Neurogenic bladder is abnormal bladder function caused by a nerve problem. The bladder may empty too often or at the wrong time ( incontinence) or the bladder may be unable to completely empty the urine (urinary retention). In this case, urine may leak out of the overfilled bladder.
Contact your doctor if you think you may have this condition. The sooner it is treated, the lower the chance of developing other serious conditions, such as a urinary tract infection.
Neurogenic bladder is caused by problems with the nerves carrying messages between the bladder and the brain. The nerve problems may be caused by:
Factors that increase your chance of developing neurogenic bladder include:
Symptoms of neurogenic bladder may include:
Your doctor will ask about your symptoms and medical history. A physical exam will be done. You may be asked to keep a diary of how often you empty your bladder and other urinary habits. If your doctor thinks that your symptoms may be caused by a nerve problem, you may have some of the tests below. You may also be referred to an urologist for further evaluation and treatment.
Tests may include the following:
Treatment focuses on relieving symptoms by emptying your bladder regularly.
Treatment options include:
A thin tube, called a catheter, can be inserted to empty the bladder. You can learn to do this yourself or a trained healthcare professional may do it for you.
Your doctor may recommend anticholinergic drugs (antimuscarinics) or botulinum toxin injections to help control symptoms.
Surgery may be an option for severe cases when all other treatments fail. Surgical procedures include:
While most cases of neurogenic bladder cannot be prevented, people with diabetes may be able to delay or avoid the problem by carefully controlling their blood sugar levels over the long-term. Also, wearing seat belts and avoiding activities that increase the risk of spinal cord injuries will prevent neurogenic bladder from this cause.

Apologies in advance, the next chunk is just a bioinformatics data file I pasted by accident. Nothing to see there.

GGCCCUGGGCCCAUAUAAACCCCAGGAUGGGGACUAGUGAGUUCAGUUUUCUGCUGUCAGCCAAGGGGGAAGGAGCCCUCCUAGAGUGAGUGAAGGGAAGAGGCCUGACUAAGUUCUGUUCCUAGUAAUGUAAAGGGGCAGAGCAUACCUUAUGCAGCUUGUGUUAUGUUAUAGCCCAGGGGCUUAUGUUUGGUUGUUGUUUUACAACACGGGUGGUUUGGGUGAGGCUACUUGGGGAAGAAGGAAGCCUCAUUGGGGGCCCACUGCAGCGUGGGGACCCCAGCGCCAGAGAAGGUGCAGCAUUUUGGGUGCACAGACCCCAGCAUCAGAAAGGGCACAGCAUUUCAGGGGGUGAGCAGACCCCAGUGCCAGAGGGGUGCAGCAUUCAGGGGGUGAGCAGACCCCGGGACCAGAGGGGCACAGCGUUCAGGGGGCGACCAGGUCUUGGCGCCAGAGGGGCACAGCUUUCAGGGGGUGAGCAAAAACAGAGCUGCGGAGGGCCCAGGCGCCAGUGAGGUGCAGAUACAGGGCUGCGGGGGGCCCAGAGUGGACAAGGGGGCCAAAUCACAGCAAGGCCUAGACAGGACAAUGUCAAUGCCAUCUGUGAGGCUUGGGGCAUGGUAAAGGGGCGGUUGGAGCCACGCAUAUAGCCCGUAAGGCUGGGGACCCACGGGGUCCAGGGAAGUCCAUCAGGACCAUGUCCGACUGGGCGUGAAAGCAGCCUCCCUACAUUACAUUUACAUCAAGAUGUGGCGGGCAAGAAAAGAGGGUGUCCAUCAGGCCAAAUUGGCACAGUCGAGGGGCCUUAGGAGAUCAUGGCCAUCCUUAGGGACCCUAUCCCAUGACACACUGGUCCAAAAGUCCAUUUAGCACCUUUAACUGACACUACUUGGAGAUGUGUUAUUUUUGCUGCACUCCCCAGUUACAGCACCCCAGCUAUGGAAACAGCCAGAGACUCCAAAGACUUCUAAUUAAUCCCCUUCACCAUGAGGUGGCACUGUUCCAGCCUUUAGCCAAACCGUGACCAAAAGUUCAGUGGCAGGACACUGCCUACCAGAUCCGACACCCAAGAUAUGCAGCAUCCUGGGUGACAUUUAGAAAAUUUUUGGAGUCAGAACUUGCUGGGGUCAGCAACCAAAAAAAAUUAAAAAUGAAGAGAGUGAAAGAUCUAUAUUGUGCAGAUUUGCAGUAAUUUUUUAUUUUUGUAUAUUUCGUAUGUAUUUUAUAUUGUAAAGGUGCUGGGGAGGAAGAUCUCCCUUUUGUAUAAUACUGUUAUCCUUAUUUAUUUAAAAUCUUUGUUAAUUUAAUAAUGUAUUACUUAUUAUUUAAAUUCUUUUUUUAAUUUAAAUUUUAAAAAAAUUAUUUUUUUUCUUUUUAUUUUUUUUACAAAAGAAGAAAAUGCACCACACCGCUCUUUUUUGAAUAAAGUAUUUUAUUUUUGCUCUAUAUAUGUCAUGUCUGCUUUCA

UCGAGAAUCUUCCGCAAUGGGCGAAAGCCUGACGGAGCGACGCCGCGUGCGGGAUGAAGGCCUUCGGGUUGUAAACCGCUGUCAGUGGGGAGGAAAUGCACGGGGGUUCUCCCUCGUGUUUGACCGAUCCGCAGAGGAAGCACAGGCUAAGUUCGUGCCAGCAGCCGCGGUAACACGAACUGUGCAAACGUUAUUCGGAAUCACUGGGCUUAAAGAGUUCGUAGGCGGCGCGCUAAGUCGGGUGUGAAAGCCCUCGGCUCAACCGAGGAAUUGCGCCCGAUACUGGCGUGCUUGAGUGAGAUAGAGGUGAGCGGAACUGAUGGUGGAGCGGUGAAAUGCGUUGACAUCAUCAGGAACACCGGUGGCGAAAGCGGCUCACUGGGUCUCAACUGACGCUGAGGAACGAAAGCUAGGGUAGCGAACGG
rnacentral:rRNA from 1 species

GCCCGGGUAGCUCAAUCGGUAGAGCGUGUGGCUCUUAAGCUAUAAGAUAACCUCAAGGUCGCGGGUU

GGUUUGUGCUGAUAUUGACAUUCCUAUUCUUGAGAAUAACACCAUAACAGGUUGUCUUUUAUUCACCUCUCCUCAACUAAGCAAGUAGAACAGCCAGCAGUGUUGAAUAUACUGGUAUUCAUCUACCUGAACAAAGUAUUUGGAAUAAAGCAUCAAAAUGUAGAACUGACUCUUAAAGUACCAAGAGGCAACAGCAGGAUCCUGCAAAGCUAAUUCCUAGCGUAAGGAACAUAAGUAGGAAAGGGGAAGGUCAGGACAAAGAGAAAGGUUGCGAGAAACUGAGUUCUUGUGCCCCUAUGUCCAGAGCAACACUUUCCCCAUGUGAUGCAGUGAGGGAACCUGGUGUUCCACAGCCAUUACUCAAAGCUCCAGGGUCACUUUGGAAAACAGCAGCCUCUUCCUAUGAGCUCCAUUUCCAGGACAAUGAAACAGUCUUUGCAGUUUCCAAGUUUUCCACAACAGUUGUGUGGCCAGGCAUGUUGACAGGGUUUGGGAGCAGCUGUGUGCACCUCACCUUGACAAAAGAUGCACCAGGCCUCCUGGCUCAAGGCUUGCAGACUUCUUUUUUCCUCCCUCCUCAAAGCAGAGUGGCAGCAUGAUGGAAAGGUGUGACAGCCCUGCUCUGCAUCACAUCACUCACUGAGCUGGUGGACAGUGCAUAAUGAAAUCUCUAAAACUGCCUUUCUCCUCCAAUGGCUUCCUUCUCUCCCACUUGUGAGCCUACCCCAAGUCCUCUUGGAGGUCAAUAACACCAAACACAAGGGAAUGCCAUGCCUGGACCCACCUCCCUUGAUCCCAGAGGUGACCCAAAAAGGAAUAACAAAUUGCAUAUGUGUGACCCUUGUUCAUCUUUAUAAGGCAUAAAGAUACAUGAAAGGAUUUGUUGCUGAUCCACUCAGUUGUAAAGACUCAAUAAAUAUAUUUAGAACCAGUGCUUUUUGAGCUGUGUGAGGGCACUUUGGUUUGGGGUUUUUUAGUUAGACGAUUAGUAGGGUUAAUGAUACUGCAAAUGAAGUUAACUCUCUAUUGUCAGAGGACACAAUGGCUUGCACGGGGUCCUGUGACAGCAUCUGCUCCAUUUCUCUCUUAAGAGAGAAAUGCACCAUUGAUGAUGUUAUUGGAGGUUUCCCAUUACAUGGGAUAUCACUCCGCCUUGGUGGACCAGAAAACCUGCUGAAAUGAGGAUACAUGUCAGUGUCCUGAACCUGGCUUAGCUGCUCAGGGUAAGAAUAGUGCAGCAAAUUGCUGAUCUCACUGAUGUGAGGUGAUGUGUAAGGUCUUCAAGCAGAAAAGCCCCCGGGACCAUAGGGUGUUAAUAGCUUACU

National Association for Continence
Urology Care Foundation
BC Health Guide
Canadian Spinal Research Organization
Morantz CA. ACOG guidelines on urinary incontinence in women. Am Fam Physician. 2000;72:175.
Nerve disease and bladder control. National Kidney and Urologic Diseases Information Clearinghouse website. Available at: http://kidney.niddk.nih.gov/kudiseases/pubs/nervedisease/index.htm. Updated June 29, 2012. Accessed October 18, 2012.
Neurogenic bladder. Urology Care Foundation website. Available at: http://www.urologyhealth.org/urology/index.cfm?article=9. Updated January 2011. Accessed October 18, 2012.
Scientific Committee of the First International Consultation on Incontinence. Assessment and treatment of urinary incontinence. Lancet. 2000;355:2153-2158.
7/28/2014 DynaMed's Systematic Literature Surveillance http://www.ebscohost.com/dynamed: Mangera A, Apostolidis A, et al. An updated systematic review and statistical comparison of standardised mean outcomes for the use of botulinum toxin in the management of lower urinary tract disorders. Eur Urol. 2014;65(5):981-990.
Last reviewed December 2013 by Adrienne Carmack, MD
Please be aware that this information is provided to supplement the care provided by your physician. It is neither intended nor implied to be a substitute for professional medical advice. CALL YOUR HEALTHCARE PROVIDER IMMEDIATELY IF YOU THINK YOU MAY HAVE A MEDICAL EMERGENCY. Always seek the advice of your physician or other qualified health provider prior to starting any new treatment or with any questions you may have regarding a medical condition.